Tuesday, December 18, 2007

Romney's Sleeper Cell

With all the mania over the Huckaboom, one could be forgiven for concluding the Republican presidential race is all over in Iowa but for the counting and writing the "Huckabee Wins" headline.

It is still two weeks before Iowans tell the country who should be the nominees for the 2008 presidential campaign. Despite all the Huckahype, I think Patrick Ruffini got it right in his "Romney’s Race to Lose:"

1. The surging candidates (Huckabee and McCain) are flaky and/or can’t win. This empowers the institutional frontrunners, Rudy and Romney. And Rudy is in trouble.

1a. Huckabee has solved Romney’s expectations game in Iowa. A win for Romney out of the Hawkeye State translates to a big win and momentum. A narrow loss is within expectations. Only a double digit loss or third would significantly damage Romney.

1b. Huckabee’s momentum out of Iowa isn’t actionable in New Hampshire, so some other external force would need to rise to kill Romney’s lead in NH.
Today both the Wall Street Journal and the Los Angeles Times report on how Mormons could turn out to be a sleeper cell of support for Romney.

My esteemed RedState colleague Soren Dayton, analyzes the Wall Street Journal article and concludes,
Romney is doing better in Iowa than you think:
In politics, affinity groups are affinity groups and great things. Barack Obama will do better among African-Americans than other candidates. Joe Lieberman got huge electoral and financial turnout from Jews. And the Wall Street Journal talks about Mitt Romney’s support from Mormons:

The Church of Jesus Christ of Latter-day Saints says it has more than 22,500 members in Iowa in 68 congregations. Joseph Cheney, the president of one of seven "stakes," or geographical groups within the church, estimates that as many as 7,000 Mormons are likely to show up on caucus night, and that nearly three-quarters of the Mormons in the state support Mr. Romney.

[. . .]

The bottom line is that Mitt Romney will win a caucus that looks close. Romney starts with 5-7% of the vote. Any attempt to play down Romney’s chances in Iowa is just a game, the expectations game.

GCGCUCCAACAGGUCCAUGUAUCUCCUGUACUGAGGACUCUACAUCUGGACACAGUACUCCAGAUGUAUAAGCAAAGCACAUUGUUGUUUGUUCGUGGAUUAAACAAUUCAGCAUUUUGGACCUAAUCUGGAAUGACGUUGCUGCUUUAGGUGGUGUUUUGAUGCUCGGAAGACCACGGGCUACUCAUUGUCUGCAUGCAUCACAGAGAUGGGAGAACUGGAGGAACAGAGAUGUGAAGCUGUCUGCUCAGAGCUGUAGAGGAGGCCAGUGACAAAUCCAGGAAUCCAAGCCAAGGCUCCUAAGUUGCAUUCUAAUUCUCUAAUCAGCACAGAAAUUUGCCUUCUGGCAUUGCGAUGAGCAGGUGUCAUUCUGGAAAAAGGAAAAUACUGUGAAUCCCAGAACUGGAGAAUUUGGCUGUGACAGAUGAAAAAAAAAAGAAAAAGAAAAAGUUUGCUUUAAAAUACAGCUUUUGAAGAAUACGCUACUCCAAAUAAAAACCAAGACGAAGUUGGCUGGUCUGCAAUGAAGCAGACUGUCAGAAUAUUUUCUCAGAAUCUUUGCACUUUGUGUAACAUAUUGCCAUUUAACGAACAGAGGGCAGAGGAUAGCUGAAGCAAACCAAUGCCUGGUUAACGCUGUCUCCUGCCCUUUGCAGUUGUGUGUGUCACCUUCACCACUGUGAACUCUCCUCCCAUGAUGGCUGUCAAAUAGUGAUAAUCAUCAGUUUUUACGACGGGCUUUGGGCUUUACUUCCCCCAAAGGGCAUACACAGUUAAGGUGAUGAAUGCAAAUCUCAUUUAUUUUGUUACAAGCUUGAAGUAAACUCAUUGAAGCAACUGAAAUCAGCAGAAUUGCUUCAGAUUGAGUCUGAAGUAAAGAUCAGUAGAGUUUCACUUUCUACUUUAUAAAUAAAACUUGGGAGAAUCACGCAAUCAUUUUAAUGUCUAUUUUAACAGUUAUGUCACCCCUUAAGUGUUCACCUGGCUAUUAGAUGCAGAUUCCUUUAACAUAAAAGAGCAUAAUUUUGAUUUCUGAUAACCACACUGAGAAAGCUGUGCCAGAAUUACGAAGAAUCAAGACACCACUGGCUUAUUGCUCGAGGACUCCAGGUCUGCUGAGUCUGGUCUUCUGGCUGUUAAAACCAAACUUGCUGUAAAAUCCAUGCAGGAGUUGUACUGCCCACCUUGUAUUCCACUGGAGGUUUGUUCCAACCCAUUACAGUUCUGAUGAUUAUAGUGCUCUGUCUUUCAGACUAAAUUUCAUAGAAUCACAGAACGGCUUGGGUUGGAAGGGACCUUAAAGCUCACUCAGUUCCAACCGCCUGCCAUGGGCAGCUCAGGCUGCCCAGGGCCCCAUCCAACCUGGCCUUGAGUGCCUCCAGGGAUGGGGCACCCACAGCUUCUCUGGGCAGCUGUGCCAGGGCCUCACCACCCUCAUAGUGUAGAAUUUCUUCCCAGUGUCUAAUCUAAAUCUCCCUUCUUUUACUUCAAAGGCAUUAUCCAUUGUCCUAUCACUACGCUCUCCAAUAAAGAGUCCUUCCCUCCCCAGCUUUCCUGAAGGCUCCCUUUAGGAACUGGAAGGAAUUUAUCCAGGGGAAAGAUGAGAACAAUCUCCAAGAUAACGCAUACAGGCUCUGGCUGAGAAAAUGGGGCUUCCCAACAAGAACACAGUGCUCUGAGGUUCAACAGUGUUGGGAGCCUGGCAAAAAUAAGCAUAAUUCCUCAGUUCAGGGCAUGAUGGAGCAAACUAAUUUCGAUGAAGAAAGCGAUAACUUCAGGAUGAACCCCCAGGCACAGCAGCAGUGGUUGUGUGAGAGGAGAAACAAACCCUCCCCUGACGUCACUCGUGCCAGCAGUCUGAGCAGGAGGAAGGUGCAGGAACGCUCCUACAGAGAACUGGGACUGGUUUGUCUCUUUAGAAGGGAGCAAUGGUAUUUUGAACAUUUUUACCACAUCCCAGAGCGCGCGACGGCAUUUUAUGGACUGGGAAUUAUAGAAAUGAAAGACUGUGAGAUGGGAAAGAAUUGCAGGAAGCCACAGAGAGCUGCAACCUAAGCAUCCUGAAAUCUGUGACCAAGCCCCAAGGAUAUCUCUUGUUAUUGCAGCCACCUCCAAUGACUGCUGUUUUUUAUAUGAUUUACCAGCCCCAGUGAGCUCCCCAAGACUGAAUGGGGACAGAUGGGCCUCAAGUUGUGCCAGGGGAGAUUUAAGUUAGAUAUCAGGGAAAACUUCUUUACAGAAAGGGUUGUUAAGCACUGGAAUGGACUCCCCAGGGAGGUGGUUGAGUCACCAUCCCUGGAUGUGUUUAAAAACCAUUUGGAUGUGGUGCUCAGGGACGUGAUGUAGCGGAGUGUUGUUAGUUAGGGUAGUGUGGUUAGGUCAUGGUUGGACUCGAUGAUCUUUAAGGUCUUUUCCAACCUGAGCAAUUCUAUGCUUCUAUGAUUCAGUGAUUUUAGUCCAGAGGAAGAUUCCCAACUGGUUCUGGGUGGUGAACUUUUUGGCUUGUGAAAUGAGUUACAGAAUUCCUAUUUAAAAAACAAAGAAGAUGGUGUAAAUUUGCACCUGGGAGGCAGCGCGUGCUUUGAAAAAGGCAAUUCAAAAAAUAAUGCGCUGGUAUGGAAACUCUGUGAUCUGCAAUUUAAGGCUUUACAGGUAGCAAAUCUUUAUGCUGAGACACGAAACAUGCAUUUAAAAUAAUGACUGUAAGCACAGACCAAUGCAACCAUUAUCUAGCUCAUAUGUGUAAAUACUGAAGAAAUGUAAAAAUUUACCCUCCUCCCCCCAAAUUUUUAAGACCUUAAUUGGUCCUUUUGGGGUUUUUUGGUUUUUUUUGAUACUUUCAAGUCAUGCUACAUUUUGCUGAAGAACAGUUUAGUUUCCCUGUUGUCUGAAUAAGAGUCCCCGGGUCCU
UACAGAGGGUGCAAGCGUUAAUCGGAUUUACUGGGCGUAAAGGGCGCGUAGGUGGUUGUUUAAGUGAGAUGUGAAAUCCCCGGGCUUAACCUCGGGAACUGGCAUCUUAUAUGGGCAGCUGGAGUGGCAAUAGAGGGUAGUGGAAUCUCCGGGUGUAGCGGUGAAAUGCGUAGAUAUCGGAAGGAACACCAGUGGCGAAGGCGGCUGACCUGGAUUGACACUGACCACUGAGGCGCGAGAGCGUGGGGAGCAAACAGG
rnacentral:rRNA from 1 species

The Los Angeles Times article focuses on the impact California's Mormon population might have on the California primary, but it contains a couple of points that bear on Iowa as well:
Though hard to boil down into campaign dollars or potential votes, the impact of the Mormon support for Romney is significant.

[. . .]

Gillam and other church members are careful to say that they don't support Romney just because of his religion. That may have caught their eye at first, they say, but ultimately they were won over by his accomplishments as governor of Massachusetts and as a business leader, and by his role in rescuing the bribery-tainted 2002 Winter Olympics in Salt Lake City.

"I'm not voting for him because he is Mormon. I think he's the best-qualified person for the job," said Jack Wheatley, a former Palo Alto mayor and longtime Republican donor who is Mormon. "Our country needs a turnaround. With Massachusetts, he did a good job there. With the Olympics, he did a good job there. With his business, helping improve companies, he did a great job. Who else has come close to that?
Regarding the current Huckahype, we should keep in mind that it is not easy to accurately predict the results of the Iowa caucuses:

The New York Times also reports that when it comes to Iowa predictions, caution is important:
All of the eccentricities of the Iowa caucuses make polling Iowa something most pollsters would rather not do. That night, it will be hard enough to depend on those entrance polls, taken moments before Iowans cast their votes. But in these last weeks ahead of the vote, to try and define the electorate and come up with a framework for polling is to rely as much on luck as savvy.

[. . .]

The biggest obstacle to polling in Iowa is drawing the sample in the first place. Some polls use lists of past caucus goers, but they risk missing first-time caucus goers, who accounted for more than half of the Democratic caucus goers in 2004, according to the network entrance poll. Other polls use lists of registered voters provided by the state, but they risk missing those who haven’t yet registered to vote but who plan to participate in the caucuses.
We will talk, read and write a lot about Iowa in the next couple of weeks. None of all that punditry will matter much. All that counts is what those headlines say on January 4, 2008.

1 comment:

Anonymous said...

You are also omitting another IMPORTANT sleeper cell...those of us who are registered Democrats and who can't stand ANY of the Democrats running for office!!! Sorry, but Romney is a hands-down in every category that makes for the best all-around candidate to represent our great nation! He brings America back where "America" used to be -- where it deserves to be. He's getting my vote! DEMOCRAT FOR ROMNEY...in Missouri, with family and LOTS of friends in IOWA.